Develop your self defence skills and knowledge
At Shin Gi Tai Martial Arts Academy in Basingstoke, EVERYONE is welcome to come to our classes. There are no barriers to cross, no matter age, ability, gender, race or sexuality.
However, people often construct their own barriers to joining, despite wanting to try martial arts. For me it was a lack of confidence, for others they may feel like they are not fit enough, scared to come, worried about what a class will involve, feel that they are not capable or worried they will be judged. I have always felt that the hardest part about doing martial arts, is overcoming these internal barriers to come through the door for your first class.
Do women do Karate?
Historically, we had two longstanding evening mixed adult martial arts classes which do have female members, but many of those moved into the class from our children’s/teenage classes, there were very few that are new female members who come straight into that group. Despite being open and welcoming to women, we had less enquiries from women and less women than men joining. We would always try and ensure any social media coverage or advertising of the classes would include women and we had both male and female coaches in the classes but the uptake was still low. Something which I found disappointing and frustrating, as I would love everyone to experience the positive lifelong benefits martial arts can offer.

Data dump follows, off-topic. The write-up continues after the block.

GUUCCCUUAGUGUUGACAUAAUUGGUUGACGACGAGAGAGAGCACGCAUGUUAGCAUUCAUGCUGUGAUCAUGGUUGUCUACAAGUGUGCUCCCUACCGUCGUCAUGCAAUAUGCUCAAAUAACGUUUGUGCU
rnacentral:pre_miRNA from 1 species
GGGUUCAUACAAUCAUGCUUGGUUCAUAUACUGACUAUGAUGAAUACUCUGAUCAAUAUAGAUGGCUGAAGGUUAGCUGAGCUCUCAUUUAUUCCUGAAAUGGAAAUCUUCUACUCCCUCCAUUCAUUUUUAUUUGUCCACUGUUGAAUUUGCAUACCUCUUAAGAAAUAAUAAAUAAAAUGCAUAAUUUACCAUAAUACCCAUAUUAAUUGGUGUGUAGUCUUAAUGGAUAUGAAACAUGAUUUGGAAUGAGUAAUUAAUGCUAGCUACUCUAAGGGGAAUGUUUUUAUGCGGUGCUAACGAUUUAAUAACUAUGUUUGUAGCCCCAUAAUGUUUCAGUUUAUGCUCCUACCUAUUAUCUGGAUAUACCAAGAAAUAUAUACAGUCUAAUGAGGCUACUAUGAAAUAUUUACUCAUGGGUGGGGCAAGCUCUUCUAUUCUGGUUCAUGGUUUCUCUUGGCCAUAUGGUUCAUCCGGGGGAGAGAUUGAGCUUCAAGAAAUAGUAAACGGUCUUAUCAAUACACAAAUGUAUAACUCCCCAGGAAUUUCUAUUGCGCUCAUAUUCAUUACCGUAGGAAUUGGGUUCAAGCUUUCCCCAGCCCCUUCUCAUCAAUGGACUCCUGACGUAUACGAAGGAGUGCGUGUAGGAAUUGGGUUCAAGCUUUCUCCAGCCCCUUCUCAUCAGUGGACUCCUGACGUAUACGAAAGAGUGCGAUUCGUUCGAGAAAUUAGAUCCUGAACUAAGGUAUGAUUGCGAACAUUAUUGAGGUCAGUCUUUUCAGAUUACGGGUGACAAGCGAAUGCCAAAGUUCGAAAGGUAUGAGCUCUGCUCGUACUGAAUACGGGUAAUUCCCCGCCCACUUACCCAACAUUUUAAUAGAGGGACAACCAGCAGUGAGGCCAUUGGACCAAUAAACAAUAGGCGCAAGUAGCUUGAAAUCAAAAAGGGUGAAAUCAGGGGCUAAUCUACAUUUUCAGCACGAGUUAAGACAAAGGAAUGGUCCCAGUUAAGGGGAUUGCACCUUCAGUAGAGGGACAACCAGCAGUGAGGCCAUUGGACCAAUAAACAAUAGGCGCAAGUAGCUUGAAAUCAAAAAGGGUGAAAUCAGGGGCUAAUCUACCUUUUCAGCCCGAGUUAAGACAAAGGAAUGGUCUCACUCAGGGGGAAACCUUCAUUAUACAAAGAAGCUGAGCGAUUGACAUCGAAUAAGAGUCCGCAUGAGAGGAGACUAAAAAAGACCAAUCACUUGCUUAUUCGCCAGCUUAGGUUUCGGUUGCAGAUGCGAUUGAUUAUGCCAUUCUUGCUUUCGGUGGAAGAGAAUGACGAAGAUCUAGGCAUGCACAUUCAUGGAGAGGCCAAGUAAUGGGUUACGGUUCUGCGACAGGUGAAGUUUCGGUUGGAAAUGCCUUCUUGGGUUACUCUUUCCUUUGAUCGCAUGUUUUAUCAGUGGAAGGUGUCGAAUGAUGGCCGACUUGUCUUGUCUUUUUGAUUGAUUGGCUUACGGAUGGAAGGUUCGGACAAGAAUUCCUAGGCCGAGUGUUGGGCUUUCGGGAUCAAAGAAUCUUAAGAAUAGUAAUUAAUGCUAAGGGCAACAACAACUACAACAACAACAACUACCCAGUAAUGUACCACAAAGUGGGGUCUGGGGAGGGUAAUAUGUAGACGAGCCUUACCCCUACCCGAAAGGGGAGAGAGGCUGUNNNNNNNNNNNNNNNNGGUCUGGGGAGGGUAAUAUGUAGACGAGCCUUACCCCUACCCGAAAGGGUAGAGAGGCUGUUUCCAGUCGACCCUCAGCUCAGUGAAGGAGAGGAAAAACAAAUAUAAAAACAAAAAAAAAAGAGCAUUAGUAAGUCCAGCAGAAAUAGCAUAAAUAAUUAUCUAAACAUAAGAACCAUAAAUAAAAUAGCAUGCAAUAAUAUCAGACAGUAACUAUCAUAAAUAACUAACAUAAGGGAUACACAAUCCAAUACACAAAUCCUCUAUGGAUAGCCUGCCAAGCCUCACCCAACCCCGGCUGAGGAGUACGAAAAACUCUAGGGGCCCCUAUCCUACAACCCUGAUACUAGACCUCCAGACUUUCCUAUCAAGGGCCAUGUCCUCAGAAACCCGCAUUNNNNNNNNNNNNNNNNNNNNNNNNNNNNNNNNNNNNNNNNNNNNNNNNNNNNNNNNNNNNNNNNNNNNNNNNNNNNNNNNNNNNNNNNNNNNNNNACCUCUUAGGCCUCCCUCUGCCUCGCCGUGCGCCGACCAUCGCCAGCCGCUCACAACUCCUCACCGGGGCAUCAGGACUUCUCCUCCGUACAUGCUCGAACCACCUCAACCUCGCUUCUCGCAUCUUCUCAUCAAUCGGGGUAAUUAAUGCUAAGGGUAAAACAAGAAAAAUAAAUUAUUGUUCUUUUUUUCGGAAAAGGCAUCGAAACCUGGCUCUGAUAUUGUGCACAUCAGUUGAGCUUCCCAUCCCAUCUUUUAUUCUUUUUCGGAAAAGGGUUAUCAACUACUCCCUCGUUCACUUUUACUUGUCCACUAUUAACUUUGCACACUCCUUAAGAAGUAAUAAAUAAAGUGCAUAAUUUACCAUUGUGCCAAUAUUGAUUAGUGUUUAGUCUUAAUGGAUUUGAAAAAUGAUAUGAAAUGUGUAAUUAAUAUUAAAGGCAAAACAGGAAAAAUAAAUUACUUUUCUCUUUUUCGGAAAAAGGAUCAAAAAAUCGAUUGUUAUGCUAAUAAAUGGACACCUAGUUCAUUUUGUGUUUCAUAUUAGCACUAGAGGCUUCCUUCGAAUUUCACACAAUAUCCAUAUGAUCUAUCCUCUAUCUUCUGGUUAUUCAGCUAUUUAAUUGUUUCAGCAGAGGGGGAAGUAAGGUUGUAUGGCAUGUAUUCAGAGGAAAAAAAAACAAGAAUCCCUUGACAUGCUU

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Female participation in sport is generally lower than male, societally we see a drop off during female teenage years and this is often made worse in martial arts by the male dominated stereotyping and misconceptions about what classes might involve (Cobra Kai springs to mind). It is easy to assume that the lack of female participants is due to lack of interest, however over the years I have been training and coaching, it has been apparent that there is plenty of interest, just a lack of provision for classes where women feel comfortable.
It is not enough for me as a coach to know women are welcome and the class is a safe and comfortable place to be, they have to believe it and feel it for themselves. Having taught teenage girls self defence classes in schools and colleges, uptake tends to be good when a course is provided on site specifically for them, but those same girls would never seek out or attend a class somewhere else, despite their desire to have a go.
Why Martial Arts?
I had a fascination with martial arts from a young age. I’d always danced but relished the challenge of a new physical activity: